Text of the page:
The market continues to be tough in Italy. According to Italian beauty trade association Unipro, total sales were up by a mere 0.6 percent in value in the first six months of 2012, while the perfumery channel saw a decline of 4.5 percent. Overall the beauty market has been flat, and few predict any improvement for the upcoming holiday season.

The perfumery channel has been hit particularly hard. Brands sold in the channel have been negatively impacted by problems at the Limoni chain, which is Italy’s largest beauty retailer with 430 stores and a 15 percent market share. The retailer was on the verge of bankruptcy this year and weighed down by $474 million [at current exchange rate] in debt leading to much uncertainty about its future. In August, Limoni received a bailout, saw its restructuring plan agreed upon by banks and its debt reduced to $150 million. The company is now embarking on a new strategy, which involves store closures, greater segmentation of its store network and a review of its product assortment. “We will close 40 perfumeries—the smallest less profitable ones—and we are already reorganizing the store network into three clusters. We need to adapt assortment and service to the identity of our stores, which can vary a lot,” Limoni Chief Executive Officer Richard Simonin told BW Confidential.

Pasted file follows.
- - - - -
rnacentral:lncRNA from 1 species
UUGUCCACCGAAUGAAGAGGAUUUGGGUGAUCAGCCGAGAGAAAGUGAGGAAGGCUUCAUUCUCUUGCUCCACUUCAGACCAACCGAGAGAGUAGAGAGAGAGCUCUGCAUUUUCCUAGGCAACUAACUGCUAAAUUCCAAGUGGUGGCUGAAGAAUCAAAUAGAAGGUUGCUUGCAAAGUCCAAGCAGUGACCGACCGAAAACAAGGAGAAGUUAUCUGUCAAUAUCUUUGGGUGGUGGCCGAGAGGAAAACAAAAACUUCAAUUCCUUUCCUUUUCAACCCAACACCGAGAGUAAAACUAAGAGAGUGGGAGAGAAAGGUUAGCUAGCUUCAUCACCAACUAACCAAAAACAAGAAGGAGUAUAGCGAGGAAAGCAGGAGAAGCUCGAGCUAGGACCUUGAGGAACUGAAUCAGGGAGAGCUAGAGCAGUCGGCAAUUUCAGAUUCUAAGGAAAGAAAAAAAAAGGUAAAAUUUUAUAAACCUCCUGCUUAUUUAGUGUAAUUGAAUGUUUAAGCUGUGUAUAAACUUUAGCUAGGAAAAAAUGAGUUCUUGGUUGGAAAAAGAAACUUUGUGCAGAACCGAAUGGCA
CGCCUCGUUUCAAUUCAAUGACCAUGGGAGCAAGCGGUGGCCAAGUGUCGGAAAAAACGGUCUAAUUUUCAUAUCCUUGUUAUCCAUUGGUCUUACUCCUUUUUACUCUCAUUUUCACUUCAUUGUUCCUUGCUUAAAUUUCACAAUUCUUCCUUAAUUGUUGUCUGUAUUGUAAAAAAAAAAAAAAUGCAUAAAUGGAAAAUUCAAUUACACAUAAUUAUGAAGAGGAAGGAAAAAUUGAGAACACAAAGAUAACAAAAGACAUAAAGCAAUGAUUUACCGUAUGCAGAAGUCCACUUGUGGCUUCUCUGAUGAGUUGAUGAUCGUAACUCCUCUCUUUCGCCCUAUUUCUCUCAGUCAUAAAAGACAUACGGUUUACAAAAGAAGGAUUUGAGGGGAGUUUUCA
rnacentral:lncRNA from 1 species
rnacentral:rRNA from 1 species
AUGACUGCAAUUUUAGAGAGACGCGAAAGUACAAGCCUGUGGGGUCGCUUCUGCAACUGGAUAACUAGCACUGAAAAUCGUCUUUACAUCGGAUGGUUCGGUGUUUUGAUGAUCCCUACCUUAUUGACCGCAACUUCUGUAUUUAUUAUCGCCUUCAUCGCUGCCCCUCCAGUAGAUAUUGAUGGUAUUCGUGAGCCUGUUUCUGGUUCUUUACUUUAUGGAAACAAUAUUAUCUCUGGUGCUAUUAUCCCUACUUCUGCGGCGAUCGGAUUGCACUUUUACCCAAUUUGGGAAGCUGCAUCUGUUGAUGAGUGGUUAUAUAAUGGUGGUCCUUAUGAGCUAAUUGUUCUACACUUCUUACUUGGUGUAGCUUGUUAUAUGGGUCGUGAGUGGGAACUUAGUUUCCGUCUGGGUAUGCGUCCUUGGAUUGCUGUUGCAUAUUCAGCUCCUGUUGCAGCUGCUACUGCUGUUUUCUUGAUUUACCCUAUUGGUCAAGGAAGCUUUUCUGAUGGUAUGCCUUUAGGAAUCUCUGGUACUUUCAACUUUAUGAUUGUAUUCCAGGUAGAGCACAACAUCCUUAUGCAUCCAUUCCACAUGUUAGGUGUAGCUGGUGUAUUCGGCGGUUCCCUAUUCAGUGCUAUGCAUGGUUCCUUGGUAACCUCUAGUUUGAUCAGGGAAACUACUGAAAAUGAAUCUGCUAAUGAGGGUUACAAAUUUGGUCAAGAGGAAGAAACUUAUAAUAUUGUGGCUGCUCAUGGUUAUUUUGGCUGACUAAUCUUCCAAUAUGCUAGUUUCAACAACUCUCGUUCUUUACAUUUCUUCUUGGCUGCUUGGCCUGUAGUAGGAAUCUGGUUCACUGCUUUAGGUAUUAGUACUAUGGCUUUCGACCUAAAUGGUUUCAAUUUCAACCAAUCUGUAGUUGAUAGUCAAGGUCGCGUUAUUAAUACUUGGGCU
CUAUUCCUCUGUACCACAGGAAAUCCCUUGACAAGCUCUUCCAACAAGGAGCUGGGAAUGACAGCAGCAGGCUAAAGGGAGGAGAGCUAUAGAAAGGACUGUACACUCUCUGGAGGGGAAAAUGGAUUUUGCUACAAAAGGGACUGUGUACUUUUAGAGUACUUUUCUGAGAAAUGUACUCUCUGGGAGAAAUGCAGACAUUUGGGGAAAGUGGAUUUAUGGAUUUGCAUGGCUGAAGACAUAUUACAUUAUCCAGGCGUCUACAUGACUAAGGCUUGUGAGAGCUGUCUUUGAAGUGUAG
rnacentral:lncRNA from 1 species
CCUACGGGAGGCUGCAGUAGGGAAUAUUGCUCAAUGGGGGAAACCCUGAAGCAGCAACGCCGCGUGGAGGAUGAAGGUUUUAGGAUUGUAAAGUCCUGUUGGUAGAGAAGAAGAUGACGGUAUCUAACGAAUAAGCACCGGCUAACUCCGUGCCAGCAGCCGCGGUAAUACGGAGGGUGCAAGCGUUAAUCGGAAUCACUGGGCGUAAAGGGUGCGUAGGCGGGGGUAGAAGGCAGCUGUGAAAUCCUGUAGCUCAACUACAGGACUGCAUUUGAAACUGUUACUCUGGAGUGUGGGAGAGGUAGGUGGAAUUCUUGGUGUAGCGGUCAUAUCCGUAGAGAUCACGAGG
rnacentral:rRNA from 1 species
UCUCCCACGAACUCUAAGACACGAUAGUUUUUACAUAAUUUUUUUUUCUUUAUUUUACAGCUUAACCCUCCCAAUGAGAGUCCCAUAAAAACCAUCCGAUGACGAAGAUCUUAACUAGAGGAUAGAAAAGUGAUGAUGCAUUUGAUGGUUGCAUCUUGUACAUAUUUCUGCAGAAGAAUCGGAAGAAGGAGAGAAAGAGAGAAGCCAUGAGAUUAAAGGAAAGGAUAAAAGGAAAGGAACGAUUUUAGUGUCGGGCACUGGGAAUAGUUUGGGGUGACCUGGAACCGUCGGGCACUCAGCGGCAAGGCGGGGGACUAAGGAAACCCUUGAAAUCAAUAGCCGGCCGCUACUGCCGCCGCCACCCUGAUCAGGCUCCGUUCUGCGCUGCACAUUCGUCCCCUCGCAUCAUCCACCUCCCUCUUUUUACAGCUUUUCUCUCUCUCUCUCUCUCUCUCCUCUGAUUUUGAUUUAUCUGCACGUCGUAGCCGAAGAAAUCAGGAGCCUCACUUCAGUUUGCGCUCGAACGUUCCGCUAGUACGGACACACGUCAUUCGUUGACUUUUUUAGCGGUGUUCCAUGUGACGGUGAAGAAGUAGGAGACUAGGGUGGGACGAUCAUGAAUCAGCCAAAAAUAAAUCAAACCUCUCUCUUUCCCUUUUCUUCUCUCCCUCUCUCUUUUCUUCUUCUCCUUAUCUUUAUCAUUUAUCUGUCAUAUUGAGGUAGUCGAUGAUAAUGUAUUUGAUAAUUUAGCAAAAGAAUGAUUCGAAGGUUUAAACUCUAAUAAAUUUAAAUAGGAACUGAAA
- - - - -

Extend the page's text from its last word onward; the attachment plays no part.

In addition to Limoni’s woes and a decline in consumer spending, the perfumery channel has also suffered from a transfer of sales to other retail channels. “Competition is not only coming from pharmacies and para-pharmacies, but also from mono-brand stores whose identities are radically different,” explains beauty director NPD Group Italy Sylvie Cagnoni.

Mono-brand stores are surfing on the “green” wave. Companies such as Bottega Verde, Yves Rocher and especially L’Erbolario, which is now adding make-up to its portfolio, continue to expand and have become serious competitors to perfumeries.

To read BW Confidential’s full report on the beauty market in Italy go to: